Geerat Jacobus Vermeij

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Localized ecological systems are known to shift abruptly and irreversibly from one state to another when they are forced across critical thresholds. Here we review evidence that the global ecosystem as a whole can react in the same way and is approaching a planetary-scale critical transition as a result of human influence. The plausibility of a(More)
By combining data from a variety of sources we explore patterns of evolution and speciation in Nucella, a widely studied genus of shallow-water marine neogastropods. We present a hypothesis of phylogenetic relationships for all of the currently recognized species of northern hemisphere Nucella, based on an analysis of 718 base pairs of nucleotide sequence(More)
To determine how historical processes, namely speciation, extinction, and dispersal, have contributed to regional species diversity patterns across the marine tropics, we examined the biogeographical history of a circumtropical genus of intertidal gastropods. A species-level phylogeny of Nerita, representing approximately 87% of extant species, was(More)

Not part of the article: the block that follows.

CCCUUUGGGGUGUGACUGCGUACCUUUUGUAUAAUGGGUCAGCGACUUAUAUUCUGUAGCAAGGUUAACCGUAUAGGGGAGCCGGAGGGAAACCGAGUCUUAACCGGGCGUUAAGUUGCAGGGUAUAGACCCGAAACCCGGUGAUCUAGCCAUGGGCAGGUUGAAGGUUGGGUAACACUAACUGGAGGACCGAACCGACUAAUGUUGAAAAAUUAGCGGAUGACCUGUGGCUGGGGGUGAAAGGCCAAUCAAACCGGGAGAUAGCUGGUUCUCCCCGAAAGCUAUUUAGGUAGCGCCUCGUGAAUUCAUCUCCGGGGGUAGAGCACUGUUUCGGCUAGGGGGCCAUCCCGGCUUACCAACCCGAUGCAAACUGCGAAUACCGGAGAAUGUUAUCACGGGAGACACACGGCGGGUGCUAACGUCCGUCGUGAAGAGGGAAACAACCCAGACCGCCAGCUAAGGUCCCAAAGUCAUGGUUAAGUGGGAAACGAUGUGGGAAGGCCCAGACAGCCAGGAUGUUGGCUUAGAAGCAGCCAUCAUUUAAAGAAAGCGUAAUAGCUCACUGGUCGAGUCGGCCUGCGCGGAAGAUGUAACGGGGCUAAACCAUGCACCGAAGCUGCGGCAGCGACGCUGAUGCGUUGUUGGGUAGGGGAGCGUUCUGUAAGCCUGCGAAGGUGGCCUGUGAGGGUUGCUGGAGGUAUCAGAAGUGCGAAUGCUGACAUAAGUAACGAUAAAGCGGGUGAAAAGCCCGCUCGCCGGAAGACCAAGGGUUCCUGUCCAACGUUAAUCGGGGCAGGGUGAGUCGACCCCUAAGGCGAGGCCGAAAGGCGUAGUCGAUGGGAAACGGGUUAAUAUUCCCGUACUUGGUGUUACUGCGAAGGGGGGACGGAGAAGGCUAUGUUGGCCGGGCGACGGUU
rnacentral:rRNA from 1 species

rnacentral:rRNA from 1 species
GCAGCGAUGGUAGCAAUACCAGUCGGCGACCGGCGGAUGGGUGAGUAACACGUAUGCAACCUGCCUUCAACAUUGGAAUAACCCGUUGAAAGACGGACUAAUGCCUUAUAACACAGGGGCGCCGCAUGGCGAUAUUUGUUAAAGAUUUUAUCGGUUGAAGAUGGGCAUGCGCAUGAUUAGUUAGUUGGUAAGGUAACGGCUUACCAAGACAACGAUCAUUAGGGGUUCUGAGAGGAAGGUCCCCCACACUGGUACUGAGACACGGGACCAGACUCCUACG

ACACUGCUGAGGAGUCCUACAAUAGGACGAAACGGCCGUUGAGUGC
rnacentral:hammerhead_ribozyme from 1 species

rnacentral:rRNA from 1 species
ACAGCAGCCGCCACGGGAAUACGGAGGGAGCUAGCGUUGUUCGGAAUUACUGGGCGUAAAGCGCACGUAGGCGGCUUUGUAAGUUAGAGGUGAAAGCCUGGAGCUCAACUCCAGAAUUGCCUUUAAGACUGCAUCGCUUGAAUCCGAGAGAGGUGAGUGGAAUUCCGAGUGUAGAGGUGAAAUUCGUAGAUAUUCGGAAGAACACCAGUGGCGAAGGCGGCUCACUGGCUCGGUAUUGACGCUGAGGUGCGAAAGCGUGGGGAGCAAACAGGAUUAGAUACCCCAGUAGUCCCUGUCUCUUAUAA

Here I advocate a comparative and systematic approach in which invasion (the extension of species ranges to areas not previously occupied by that species) is studied from the perspective of individual species as well as of the regions and biotas that export and receive invaders. In order to go beyond the particulars of invasion, it is important to ask: (1)(More)
Many events in the history of life are thought to be singular, that is, without parallels, analogs, or homologs in time and space. These claims imply that history is profoundly contingent in that independent origins of life in the universe will spawn radically different histories. If, however, most innovations arose more than once on Earth, histories would(More)
species have been vilified for driving beloved ‘native’ species to extinction and generally polluting ‘natural’ environments. Intentionally or not, such characterizations have helped to create a pervasive bias against alien species that has been embraced by the public, conservationists, land managers and policy-makers, as well by as many scientists,(More)
Insects and flowering plants have rarely invaded the sea. Explanations for this have traditionally centered on the unique shortcomings of these groups in the marine environment. We show, however, that transitions among terrestrial, freshwater, and marine environments are infrequent in all major plant and animal clades except tetrapod vertebrates. In(More)
About 3 million years ago (Ma), the Isthmus of Panama joined the Americas, forming a land bridge over which inhabitants of each America invaded the other-the Great American Biotic Interchange. These invasions transformed land ecosystems in South and Middle America. Humans invading from Asia over 12000 years ago killed most mammals over 44 kg, again(More)